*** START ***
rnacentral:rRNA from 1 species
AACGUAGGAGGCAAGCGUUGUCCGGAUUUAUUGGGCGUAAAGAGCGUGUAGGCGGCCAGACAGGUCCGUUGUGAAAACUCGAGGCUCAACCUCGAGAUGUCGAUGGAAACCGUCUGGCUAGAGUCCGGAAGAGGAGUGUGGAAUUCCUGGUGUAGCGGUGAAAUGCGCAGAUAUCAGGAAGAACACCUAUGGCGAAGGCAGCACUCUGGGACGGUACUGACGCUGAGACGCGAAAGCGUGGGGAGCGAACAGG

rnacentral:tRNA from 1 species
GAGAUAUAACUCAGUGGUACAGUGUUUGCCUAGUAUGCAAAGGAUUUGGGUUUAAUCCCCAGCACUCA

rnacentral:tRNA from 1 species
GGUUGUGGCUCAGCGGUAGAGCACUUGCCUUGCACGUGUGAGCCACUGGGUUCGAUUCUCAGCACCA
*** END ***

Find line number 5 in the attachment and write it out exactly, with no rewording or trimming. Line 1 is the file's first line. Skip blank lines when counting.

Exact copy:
rnacentral:tRNA from 1 species